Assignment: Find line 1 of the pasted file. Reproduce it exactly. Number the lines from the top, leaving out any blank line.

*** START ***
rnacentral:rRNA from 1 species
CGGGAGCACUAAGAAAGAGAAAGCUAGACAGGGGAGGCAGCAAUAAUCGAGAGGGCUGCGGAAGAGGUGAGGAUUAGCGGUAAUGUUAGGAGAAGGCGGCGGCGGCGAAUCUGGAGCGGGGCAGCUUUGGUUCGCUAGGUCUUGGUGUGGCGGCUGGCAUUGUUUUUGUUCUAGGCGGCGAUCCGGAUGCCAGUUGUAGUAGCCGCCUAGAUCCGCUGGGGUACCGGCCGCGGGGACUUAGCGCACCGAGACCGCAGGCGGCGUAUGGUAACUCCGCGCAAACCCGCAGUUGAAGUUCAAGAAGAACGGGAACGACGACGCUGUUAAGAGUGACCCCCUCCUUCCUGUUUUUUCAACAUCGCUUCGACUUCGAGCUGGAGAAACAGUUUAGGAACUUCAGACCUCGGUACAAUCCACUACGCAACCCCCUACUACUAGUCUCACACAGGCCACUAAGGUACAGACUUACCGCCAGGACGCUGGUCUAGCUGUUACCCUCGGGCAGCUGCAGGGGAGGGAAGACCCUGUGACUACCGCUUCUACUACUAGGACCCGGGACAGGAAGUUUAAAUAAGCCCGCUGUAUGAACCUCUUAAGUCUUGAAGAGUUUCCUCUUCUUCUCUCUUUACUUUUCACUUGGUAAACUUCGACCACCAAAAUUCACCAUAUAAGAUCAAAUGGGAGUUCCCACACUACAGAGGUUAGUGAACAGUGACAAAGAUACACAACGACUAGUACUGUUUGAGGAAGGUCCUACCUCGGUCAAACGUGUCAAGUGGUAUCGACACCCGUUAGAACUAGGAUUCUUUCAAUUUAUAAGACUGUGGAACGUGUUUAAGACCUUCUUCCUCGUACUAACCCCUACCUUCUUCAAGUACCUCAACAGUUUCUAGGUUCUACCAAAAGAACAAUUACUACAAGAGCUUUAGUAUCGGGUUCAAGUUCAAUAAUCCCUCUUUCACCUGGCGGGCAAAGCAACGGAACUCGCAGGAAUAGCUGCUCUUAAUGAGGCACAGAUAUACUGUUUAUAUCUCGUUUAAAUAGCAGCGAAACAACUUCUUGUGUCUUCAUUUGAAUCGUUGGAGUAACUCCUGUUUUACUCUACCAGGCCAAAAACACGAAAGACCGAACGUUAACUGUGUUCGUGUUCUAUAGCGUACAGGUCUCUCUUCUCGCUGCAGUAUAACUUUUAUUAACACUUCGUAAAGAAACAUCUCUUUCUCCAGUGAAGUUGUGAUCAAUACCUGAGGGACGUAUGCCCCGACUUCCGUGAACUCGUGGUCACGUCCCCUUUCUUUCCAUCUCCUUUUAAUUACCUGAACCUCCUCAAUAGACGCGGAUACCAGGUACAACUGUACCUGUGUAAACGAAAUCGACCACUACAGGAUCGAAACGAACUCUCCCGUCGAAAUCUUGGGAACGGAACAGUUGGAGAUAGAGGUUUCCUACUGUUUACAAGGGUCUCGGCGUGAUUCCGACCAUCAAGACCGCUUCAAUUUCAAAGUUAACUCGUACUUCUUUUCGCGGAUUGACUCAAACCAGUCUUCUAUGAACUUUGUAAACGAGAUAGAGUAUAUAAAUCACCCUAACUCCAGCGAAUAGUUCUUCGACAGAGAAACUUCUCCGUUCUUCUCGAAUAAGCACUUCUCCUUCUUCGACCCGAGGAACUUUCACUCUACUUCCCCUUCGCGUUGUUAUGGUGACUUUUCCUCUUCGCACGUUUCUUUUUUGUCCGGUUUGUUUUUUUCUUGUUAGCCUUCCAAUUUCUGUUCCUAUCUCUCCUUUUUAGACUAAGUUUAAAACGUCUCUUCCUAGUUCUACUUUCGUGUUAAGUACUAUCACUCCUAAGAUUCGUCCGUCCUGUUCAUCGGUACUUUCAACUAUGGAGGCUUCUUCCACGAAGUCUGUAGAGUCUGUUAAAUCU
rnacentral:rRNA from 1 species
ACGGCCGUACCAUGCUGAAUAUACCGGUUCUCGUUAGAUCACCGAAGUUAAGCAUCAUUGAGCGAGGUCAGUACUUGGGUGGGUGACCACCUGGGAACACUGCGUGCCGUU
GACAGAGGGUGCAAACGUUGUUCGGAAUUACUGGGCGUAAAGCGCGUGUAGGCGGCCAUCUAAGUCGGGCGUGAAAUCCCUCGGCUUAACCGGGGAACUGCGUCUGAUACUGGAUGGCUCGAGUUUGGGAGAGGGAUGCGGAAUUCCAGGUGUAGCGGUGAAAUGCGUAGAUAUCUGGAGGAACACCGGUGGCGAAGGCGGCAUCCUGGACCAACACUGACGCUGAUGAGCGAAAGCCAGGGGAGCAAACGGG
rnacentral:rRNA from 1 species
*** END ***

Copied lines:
rnacentral:rRNA from 1 species